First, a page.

By (complete) induction

The goal is to show the truth of some statement for all integers n≥1. It is enough to show two things.

  1. The statement is true for n=1
  2. IF the statement is true for all k<n, then it is true for n.

Theorem: A complete binary tree of height h has 2h-1 nodes.

Proof: We write NN(h) to mean the number of nodes in a complete binary tree of height h. A complete binary tree of height 1 is just a root so NN(1)=1 and 21-1 = 1. Now we assume NN(k)=2k-1 nodes for all k<h and consider a complete binary tree of height h. It is just a complete binary tree of height h-1 with new leaf nodes added. How many new leaves?
Ans. 2h-1 (this could be proved by induction as a lemma, but is fairly clear without induction).

Hence NN(h)=NN(h-1)+2h-1 = (2h-1-1)+2h-1 = 2(2h-1)-1=2h-1.

Homework: R-1.9

Loop Invariants

Very similar to induction. Assume we have a loop with controlling variable i. For example a "for i←0 to n-1" loop. We then associate with the loop a statement S(j) depending on j such that

  1. S(0) is true (just) before the loop begins
  2. IF S(j-1) holds before iteration j begins, then S(j) will hold when iteration j ends.
By induction we see that S(n) will be true when the nth iteration ends, i.e., when the loop ends.

I favor having array and loop indexes starting at zero. However, here it causes us some grief. We must remember that iteration j occurs when i=j-1.

Example:: Recall the countPositives algorithm

Algorithm countPositives
    Input: Non-negative integer n and an integer array A of size n.
    Output: The number of positive elements in A

pos ← 0
for i ← 0 to n-1 do
    if A[i] > 0 then
        pos ← pos + 1
return pos

Let S(j) be "pos equals the number of positive values in the first j elements of A".

Just before the loop starts S(0) is true vacuously. Indeed that is the purpose of the first statement in the algorithm.

Assume S(j-1) is true before iteration j, then iteration j (i.e., i=j-1) checks A[j-1] which is the jth element and updates pos accordingly. Hence S(j) is true after iteration j finishes.

Hence we conclude that S(n) is true when iteration n concludes, i.e. when the loop terminates. Thus pos is the correct value to return.

================ Start Lecture #4 ================

1.3.4: Basic Probability

Skipped for now.

1.4: Case Studies in Algorithm Analysis

1.4.1 A Quadratic-Time Prefix Averages Algorithm

We trivially improved innerProduct (same asymptotic complexity before and after). Now we will see a real improvement. For simplicity I do a slightly simpler algorithm, prefix sums.

Algorithm partialSumsSlow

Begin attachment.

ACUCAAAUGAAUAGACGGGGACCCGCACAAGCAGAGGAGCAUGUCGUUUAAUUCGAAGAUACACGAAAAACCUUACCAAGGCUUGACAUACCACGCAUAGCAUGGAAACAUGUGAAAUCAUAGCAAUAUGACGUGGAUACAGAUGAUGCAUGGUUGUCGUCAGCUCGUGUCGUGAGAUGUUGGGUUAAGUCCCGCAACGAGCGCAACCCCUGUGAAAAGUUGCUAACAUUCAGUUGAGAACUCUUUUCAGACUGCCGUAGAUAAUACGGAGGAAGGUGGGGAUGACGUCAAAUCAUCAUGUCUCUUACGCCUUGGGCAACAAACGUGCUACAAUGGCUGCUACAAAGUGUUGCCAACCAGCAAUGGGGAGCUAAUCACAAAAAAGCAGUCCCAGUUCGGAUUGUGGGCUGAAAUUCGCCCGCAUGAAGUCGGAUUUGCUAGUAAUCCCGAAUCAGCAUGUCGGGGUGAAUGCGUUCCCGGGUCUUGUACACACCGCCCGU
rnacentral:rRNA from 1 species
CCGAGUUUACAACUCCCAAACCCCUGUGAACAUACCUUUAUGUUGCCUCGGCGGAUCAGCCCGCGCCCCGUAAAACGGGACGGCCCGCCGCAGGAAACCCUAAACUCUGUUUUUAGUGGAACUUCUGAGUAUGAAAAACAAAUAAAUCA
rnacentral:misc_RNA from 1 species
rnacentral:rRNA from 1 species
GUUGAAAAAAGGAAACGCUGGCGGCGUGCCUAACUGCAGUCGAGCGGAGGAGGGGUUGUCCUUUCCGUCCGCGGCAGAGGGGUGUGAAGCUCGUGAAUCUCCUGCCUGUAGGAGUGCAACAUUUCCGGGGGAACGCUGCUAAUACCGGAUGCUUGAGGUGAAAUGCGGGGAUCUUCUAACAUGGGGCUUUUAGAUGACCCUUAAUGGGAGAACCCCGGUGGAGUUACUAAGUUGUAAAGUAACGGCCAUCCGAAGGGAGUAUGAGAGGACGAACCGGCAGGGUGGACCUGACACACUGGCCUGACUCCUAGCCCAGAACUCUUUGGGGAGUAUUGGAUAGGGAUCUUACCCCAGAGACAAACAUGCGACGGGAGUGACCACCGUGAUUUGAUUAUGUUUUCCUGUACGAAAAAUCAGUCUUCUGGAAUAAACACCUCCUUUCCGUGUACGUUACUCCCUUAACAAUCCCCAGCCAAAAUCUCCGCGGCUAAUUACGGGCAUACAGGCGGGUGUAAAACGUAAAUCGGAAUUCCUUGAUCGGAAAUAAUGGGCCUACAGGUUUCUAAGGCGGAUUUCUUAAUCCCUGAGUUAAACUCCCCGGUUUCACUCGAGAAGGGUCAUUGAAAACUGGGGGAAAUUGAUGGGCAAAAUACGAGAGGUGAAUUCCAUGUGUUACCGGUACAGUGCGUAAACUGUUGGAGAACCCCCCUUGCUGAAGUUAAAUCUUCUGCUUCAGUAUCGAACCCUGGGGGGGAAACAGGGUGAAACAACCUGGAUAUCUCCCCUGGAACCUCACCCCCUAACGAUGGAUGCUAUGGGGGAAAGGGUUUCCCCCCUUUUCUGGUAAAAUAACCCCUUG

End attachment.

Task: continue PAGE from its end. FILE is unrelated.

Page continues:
Input: Positive integer n and a real array A of size n
    Output: A real array B of size n with B[i]=A[0]+…+A[i]

for i ← 0 to n-1 do
    s ← 0
    for j ← 0 to i do
        s ← s + A[j]
    B[i] ← s
return B

The update of s is performed 1+2+…+n times. Hence the running time is Ω(1+2+…+n)=&Omega(n2). In fact it is easy to see that the time is &Theta(n2).

1.4.2 A Linear-Time Prefix Averages Algorithm

Algorithm partialSumsFast
    Input: Positive integer n and a real array A of size n
    Output: A real array B of size n with B[i]=A[0]+…+A[i]

s ← 0
for i ← 0 to n-1 do
    s ← s + A[i]
    B[i] ← s
return B

We just have a single loop and each statement inside is O(1), so the algorithm is O(n) (in fact Θ(n)).

Homework: Write partialSumsFastNoTemps, which is also Θ(n) time but avoids the use of s (it still uses i so my name is not great).

1.5: Amortization

Often we have a data structure supporting a number of operations that will be applied many times. For some data structures, the worst-case running time of the operations may not give a good estimate of how long a sequence of operations will take.

If we divide the running time of the sequence by the number of operations performed we get the average time for each operation in the sequence,, which is called the amortized running time.

Why amortized?
Because the cost of the occasional expensive application is amortized over the numerous cheap application (I think).

Example:: (From the book.) The clearable table. This is essentially an array. The table is initially empty (i.e., has size zero). We want to support three operations.

  1. Add(e): Add a new entry to the table at the end (extending its size).
  2. Get(i): Return the ith entry in the table.
  3. Clear(): Remove all the entries by setting each entry to zero (for security) and setting the size to zero.